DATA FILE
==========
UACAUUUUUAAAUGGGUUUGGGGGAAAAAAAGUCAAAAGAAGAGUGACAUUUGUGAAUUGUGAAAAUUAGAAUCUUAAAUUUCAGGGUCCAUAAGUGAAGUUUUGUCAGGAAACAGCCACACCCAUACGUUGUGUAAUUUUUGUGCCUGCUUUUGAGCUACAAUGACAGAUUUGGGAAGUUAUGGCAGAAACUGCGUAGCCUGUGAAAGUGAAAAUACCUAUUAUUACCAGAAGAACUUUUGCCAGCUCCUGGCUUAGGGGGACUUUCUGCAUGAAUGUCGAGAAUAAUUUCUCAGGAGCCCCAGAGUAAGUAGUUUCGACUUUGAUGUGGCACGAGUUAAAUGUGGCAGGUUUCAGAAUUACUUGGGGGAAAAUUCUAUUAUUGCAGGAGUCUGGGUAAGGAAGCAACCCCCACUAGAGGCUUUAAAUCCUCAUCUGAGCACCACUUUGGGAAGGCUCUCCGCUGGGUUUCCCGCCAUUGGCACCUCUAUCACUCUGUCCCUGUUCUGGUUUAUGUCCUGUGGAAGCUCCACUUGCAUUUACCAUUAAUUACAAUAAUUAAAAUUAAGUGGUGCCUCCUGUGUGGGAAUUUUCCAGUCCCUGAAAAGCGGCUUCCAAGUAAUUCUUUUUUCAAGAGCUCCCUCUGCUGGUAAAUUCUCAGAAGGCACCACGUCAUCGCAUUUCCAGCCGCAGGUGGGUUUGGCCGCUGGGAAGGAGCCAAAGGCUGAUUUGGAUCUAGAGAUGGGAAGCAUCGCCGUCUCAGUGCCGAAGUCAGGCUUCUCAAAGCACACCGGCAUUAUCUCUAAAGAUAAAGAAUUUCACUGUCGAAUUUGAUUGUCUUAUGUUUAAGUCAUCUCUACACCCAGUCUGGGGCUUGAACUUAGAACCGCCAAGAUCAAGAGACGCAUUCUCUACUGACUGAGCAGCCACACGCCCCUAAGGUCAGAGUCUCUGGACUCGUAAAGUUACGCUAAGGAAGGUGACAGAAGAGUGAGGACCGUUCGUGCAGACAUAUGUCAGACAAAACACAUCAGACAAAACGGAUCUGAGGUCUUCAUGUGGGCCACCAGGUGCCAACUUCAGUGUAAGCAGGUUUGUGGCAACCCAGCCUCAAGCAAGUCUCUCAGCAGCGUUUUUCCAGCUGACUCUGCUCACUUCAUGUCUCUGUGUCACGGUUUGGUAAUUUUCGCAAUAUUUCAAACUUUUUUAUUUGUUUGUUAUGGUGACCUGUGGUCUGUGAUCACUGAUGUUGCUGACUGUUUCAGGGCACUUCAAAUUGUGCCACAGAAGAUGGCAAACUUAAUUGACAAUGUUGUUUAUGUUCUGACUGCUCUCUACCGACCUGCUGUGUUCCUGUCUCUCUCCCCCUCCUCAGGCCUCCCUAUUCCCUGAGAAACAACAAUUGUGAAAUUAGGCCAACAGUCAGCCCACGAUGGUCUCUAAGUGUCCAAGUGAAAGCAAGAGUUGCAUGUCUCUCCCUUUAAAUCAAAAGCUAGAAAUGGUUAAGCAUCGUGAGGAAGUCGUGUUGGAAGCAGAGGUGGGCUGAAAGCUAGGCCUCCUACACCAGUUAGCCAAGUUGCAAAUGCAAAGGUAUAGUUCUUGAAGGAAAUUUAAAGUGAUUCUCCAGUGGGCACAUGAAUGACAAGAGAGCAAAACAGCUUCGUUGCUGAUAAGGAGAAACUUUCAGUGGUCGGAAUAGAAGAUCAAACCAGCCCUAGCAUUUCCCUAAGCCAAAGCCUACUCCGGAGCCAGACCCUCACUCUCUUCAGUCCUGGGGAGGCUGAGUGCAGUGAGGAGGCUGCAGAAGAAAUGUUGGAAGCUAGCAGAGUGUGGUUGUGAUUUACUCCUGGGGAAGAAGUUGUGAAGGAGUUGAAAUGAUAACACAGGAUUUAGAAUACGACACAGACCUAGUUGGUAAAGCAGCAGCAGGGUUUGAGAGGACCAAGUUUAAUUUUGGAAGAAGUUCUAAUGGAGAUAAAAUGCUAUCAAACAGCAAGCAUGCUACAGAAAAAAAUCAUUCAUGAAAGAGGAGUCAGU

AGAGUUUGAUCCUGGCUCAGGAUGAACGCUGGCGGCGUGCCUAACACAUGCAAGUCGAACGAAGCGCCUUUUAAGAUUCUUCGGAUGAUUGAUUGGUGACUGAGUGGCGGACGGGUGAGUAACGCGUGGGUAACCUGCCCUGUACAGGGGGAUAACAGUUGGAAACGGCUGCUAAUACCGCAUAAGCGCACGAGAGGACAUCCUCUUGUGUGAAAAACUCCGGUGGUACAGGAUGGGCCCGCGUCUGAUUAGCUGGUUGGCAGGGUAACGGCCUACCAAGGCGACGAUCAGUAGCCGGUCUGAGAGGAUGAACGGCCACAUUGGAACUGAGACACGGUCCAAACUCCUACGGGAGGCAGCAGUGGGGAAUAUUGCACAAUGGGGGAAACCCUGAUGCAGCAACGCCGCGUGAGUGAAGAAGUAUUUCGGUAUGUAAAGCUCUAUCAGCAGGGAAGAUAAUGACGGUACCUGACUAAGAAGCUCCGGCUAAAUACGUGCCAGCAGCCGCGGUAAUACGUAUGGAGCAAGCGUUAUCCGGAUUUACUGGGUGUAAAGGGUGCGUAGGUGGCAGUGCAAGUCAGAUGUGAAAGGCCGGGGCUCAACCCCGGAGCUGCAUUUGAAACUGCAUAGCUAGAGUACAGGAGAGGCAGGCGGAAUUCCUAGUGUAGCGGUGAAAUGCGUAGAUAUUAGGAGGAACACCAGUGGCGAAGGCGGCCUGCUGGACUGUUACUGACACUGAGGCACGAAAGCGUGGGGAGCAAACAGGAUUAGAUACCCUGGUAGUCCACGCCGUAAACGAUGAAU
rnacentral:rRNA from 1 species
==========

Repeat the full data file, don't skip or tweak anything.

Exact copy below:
UACAUUUUUAAAUGGGUUUGGGGGAAAAAAAGUCAAAAGAAGAGUGACAUUUGUGAAUUGUGAAAAUUAGAAUCUUAAAUUUCAGGGUCCAUAAGUGAAGUUUUGUCAGGAAACAGCCACACCCAUACGUUGUGUAAUUUUUGUGCCUGCUUUUGAGCUACAAUGACAGAUUUGGGAAGUUAUGGCAGAAACUGCGUAGCCUGUGAAAGUGAAAAUACCUAUUAUUACCAGAAGAACUUUUGCCAGCUCCUGGCUUAGGGGGACUUUCUGCAUGAAUGUCGAGAAUAAUUUCUCAGGAGCCCCAGAGUAAGUAGUUUCGACUUUGAUGUGGCACGAGUUAAAUGUGGCAGGUUUCAGAAUUACUUGGGGGAAAAUUCUAUUAUUGCAGGAGUCUGGGUAAGGAAGCAACCCCCACUAGAGGCUUUAAAUCCUCAUCUGAGCACCACUUUGGGAAGGCUCUCCGCUGGGUUUCCCGCCAUUGGCACCUCUAUCACUCUGUCCCUGUUCUGGUUUAUGUCCUGUGGAAGCUCCACUUGCAUUUACCAUUAAUUACAAUAAUUAAAAUUAAGUGGUGCCUCCUGUGUGGGAAUUUUCCAGUCCCUGAAAAGCGGCUUCCAAGUAAUUCUUUUUUCAAGAGCUCCCUCUGCUGGUAAAUUCUCAGAAGGCACCACGUCAUCGCAUUUCCAGCCGCAGGUGGGUUUGGCCGCUGGGAAGGAGCCAAAGGCUGAUUUGGAUCUAGAGAUGGGAAGCAUCGCCGUCUCAGUGCCGAAGUCAGGCUUCUCAAAGCACACCGGCAUUAUCUCUAAAGAUAAAGAAUUUCACUGUCGAAUUUGAUUGUCUUAUGUUUAAGUCAUCUCUACACCCAGUCUGGGGCUUGAACUUAGAACCGCCAAGAUCAAGAGACGCAUUCUCUACUGACUGAGCAGCCACACGCCCCUAAGGUCAGAGUCUCUGGACUCGUAAAGUUACGCUAAGGAAGGUGACAGAAGAGUGAGGACCGUUCGUGCAGACAUAUGUCAGACAAAACACAUCAGACAAAACGGAUCUGAGGUCUUCAUGUGGGCCACCAGGUGCCAACUUCAGUGUAAGCAGGUUUGUGGCAACCCAGCCUCAAGCAAGUCUCUCAGCAGCGUUUUUCCAGCUGACUCUGCUCACUUCAUGUCUCUGUGUCACGGUUUGGUAAUUUUCGCAAUAUUUCAAACUUUUUUAUUUGUUUGUUAUGGUGACCUGUGGUCUGUGAUCACUGAUGUUGCUGACUGUUUCAGGGCACUUCAAAUUGUGCCACAGAAGAUGGCAAACUUAAUUGACAAUGUUGUUUAUGUUCUGACUGCUCUCUACCGACCUGCUGUGUUCCUGUCUCUCUCCCCCUCCUCAGGCCUCCCUAUUCCCUGAGAAACAACAAUUGUGAAAUUAGGCCAACAGUCAGCCCACGAUGGUCUCUAAGUGUCCAAGUGAAAGCAAGAGUUGCAUGUCUCUCCCUUUAAAUCAAAAGCUAGAAAUGGUUAAGCAUCGUGAGGAAGUCGUGUUGGAAGCAGAGGUGGGCUGAAAGCUAGGCCUCCUACACCAGUUAGCCAAGUUGCAAAUGCAAAGGUAUAGUUCUUGAAGGAAAUUUAAAGUGAUUCUCCAGUGGGCACAUGAAUGACAAGAGAGCAAAACAGCUUCGUUGCUGAUAAGGAGAAACUUUCAGUGGUCGGAAUAGAAGAUCAAACCAGCCCUAGCAUUUCCCUAAGCCAAAGCCUACUCCGGAGCCAGACCCUCACUCUCUUCAGUCCUGGGGAGGCUGAGUGCAGUGAGGAGGCUGCAGAAGAAAUGUUGGAAGCUAGCAGAGUGUGGUUGUGAUUUACUCCUGGGGAAGAAGUUGUGAAGGAGUUGAAAUGAUAACACAGGAUUUAGAAUACGACACAGACCUAGUUGGUAAAGCAGCAGCAGGGUUUGAGAGGACCAAGUUUAAUUUUGGAAGAAGUUCUAAUGGAGAUAAAAUGCUAUCAAACAGCAAGCAUGCUACAGAAAAAAAUCAUUCAUGAAAGAGGAGUCAGU

AGAGUUUGAUCCUGGCUCAGGAUGAACGCUGGCGGCGUGCCUAACACAUGCAAGUCGAACGAAGCGCCUUUUAAGAUUCUUCGGAUGAUUGAUUGGUGACUGAGUGGCGGACGGGUGAGUAACGCGUGGGUAACCUGCCCUGUACAGGGGGAUAACAGUUGGAAACGGCUGCUAAUACCGCAUAAGCGCACGAGAGGACAUCCUCUUGUGUGAAAAACUCCGGUGGUACAGGAUGGGCCCGCGUCUGAUUAGCUGGUUGGCAGGGUAACGGCCUACCAAGGCGACGAUCAGUAGCCGGUCUGAGAGGAUGAACGGCCACAUUGGAACUGAGACACGGUCCAAACUCCUACGGGAGGCAGCAGUGGGGAAUAUUGCACAAUGGGGGAAACCCUGAUGCAGCAACGCCGCGUGAGUGAAGAAGUAUUUCGGUAUGUAAAGCUCUAUCAGCAGGGAAGAUAAUGACGGUACCUGACUAAGAAGCUCCGGCUAAAUACGUGCCAGCAGCCGCGGUAAUACGUAUGGAGCAAGCGUUAUCCGGAUUUACUGGGUGUAAAGGGUGCGUAGGUGGCAGUGCAAGUCAGAUGUGAAAGGCCGGGGCUCAACCCCGGAGCUGCAUUUGAAACUGCAUAGCUAGAGUACAGGAGAGGCAGGCGGAAUUCCUAGUGUAGCGGUGAAAUGCGUAGAUAUUAGGAGGAACACCAGUGGCGAAGGCGGCCUGCUGGACUGUUACUGACACUGAGGCACGAAAGCGUGGGGAGCAAACAGGAUUAGAUACCCUGGUAGUCCACGCCGUAAACGAUGAAU
rnacentral:rRNA from 1 species